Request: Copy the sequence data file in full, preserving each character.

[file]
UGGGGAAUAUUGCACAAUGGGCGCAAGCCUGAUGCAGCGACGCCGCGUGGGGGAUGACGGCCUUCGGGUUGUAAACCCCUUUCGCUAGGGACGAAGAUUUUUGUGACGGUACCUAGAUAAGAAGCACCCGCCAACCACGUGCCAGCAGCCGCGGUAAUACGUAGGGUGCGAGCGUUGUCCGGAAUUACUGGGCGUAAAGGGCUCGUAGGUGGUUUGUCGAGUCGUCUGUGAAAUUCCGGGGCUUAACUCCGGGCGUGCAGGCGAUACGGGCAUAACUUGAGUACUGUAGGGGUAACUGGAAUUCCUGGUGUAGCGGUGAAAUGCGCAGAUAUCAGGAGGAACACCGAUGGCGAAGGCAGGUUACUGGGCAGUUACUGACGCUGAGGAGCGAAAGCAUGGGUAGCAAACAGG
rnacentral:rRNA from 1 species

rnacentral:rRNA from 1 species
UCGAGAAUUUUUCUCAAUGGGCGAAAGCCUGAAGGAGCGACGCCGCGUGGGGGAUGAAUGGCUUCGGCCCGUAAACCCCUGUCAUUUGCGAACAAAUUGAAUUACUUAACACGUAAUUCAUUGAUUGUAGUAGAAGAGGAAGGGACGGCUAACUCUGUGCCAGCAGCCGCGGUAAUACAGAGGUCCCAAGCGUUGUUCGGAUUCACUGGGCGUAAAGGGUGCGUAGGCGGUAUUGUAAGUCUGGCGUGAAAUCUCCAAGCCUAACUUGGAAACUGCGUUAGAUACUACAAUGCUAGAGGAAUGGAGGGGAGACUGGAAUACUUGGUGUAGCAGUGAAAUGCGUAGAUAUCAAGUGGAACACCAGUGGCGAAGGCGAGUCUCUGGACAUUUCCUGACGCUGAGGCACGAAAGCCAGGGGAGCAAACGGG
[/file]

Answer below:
UGGGGAAUAUUGCACAAUGGGCGCAAGCCUGAUGCAGCGACGCCGCGUGGGGGAUGACGGCCUUCGGGUUGUAAACCCCUUUCGCUAGGGACGAAGAUUUUUGUGACGGUACCUAGAUAAGAAGCACCCGCCAACCACGUGCCAGCAGCCGCGGUAAUACGUAGGGUGCGAGCGUUGUCCGGAAUUACUGGGCGUAAAGGGCUCGUAGGUGGUUUGUCGAGUCGUCUGUGAAAUUCCGGGGCUUAACUCCGGGCGUGCAGGCGAUACGGGCAUAACUUGAGUACUGUAGGGGUAACUGGAAUUCCUGGUGUAGCGGUGAAAUGCGCAGAUAUCAGGAGGAACACCGAUGGCGAAGGCAGGUUACUGGGCAGUUACUGACGCUGAGGAGCGAAAGCAUGGGUAGCAAACAGG
rnacentral:rRNA from 1 species

rnacentral:rRNA from 1 species
UCGAGAAUUUUUCUCAAUGGGCGAAAGCCUGAAGGAGCGACGCCGCGUGGGGGAUGAAUGGCUUCGGCCCGUAAACCCCUGUCAUUUGCGAACAAAUUGAAUUACUUAACACGUAAUUCAUUGAUUGUAGUAGAAGAGGAAGGGACGGCUAACUCUGUGCCAGCAGCCGCGGUAAUACAGAGGUCCCAAGCGUUGUUCGGAUUCACUGGGCGUAAAGGGUGCGUAGGCGGUAUUGUAAGUCUGGCGUGAAAUCUCCAAGCCUAACUUGGAAACUGCGUUAGAUACUACAAUGCUAGAGGAAUGGAGGGGAGACUGGAAUACUUGGUGUAGCAGUGAAAUGCGUAGAUAUCAAGUGGAACACCAGUGGCGAAGGCGAGUCUCUGGACAUUUCCUGACGCUGAGGCACGAAAGCCAGGGGAGCAAACGGG